Department of Surgery; Department of Microbiology and Physiological Systems; Program in Molecular Medicine; Biomedical Imaging Group
Amino Acids, Peptides, and Proteins | Animal Experimentation and Research | Cells | Cellular and Molecular Physiology | Chemical Actions and Uses | Chemicals and Drugs | Investigative Techniques | Molecular Biology | Pharmaceutical Preparations | Respiratory System | Respiratory Tract Diseases | Therapeutics
Bronchodilators are a standard medicine for treating airway obstructive diseases, and beta2 adrenergic receptor agonists have been the most commonly used bronchodilators since their discovery. Strikingly, activation of G-protein-coupled bitter taste receptors (TAS2Rs) in airway smooth muscle (ASM) causes a stronger bronchodilation in vitro and in vivo than beta2 agonists, implying that new and better bronchodilators could be developed. A critical step towards realizing this potential is to understand the mechanisms underlying this bronchodilation, which remain ill-defined. An influential hypothesis argues that bitter tastants generate localized Ca(2+) signals, as revealed in cultured ASM cells, to activate large-conductance Ca(2+)-activated K(+) channels, which in turn hyperpolarize the membrane, leading to relaxation. Here we report that in mouse primary ASM cells bitter tastants neither evoke localized Ca(2+) events nor alter spontaneous local Ca(2+) transients. Interestingly, they increase global intracellular [Ca(2+)]i, although to a much lower level than bronchoconstrictors. We show that these Ca(2+) changes in cells at rest are mediated via activation of the canonical bitter taste signaling cascade (i.e., TAS2R-gustducin-phospholipase Cbeta [PLCbeta]- inositol 1,4,5-triphosphate receptor [IP3R]), and are not sufficient to impact airway contractility. But activation of TAS2Rs fully reverses the increase in [Ca(2+)]i induced by bronchoconstrictors, and this lowering of the [Ca(2+)]i is necessary for bitter tastant-induced ASM cell relaxation. We further show that bitter tastants inhibit L-type voltage-dependent Ca(2+) channels (VDCCs), resulting in reversal in [Ca(2+)]i, and this inhibition can be prevented by pertussis toxin and G-protein betagamma subunit inhibitors, but not by the blockers of PLCbeta and IP3R. Together, we suggest that TAS2R stimulation activates two opposing Ca(2+) signaling pathways via Gbetagamma to increase [Ca(2+)]i at rest while blocking activated L-type VDCCs to induce bronchodilation of contracted ASM. We propose that the large decrease in [Ca(2+)]i caused by effective tastant bronchodilators provides an efficient cell-based screening method for identifying potent dilators from among the many thousands of available bitter tastants.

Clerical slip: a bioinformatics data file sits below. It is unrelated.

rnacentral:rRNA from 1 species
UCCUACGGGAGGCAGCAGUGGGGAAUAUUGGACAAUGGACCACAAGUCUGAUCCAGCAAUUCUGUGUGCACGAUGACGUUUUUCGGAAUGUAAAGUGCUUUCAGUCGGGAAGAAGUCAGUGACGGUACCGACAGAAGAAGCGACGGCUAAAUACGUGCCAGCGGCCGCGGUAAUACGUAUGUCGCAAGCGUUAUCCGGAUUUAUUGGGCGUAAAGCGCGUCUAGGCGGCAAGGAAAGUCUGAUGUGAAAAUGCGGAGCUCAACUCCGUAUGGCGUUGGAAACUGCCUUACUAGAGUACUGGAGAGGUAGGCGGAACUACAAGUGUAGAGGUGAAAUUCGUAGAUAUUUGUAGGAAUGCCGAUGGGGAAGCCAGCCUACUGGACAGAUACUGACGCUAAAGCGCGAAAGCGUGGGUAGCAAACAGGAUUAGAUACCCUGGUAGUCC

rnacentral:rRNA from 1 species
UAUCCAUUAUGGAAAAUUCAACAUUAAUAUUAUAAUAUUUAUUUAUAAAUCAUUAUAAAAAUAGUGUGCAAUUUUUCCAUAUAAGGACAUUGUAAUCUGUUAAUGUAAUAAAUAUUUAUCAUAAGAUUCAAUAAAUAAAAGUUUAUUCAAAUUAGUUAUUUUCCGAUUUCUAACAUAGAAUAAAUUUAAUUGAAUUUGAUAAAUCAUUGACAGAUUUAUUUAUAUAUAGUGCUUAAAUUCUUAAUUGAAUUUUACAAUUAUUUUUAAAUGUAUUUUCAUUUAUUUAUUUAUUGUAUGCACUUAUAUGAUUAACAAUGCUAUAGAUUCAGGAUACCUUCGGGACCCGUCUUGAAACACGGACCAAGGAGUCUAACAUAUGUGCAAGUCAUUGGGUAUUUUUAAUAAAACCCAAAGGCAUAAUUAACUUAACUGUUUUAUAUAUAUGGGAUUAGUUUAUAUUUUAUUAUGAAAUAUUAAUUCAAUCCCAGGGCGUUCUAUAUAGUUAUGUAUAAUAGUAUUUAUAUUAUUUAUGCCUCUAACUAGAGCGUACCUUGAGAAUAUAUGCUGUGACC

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Copyright: 2013 Zhang et al. This is an open-access article distributed under the terms of the Creative Commons Attribution License, which permits unrestricted use, distribution, and reproduction in any medium, provided the original author and source are credited.
DOI of Published Version
PLoS Biol. 2013;11(3):e1001501. doi: 10.1371/journal.pbio.1001501. Link to article on publisher's site
PLoS biology doi:10.1371/annotation/7899a865-d68b-45bd-8b9b-ec6f50c9308a
Zhang C, Lifshitz LM, Uy K, Ikebe M, Fogarty KE, ZhuGe R. (2013). The cellular and molecular basis of bitter tastant-induced bronchodilation. University of Massachusetts Medical School Faculty Publications. https://doi.org/10.1371/journal.pbio.1001501. Retrieved from https://escholarship.umassmed.edu/faculty_pubs/247
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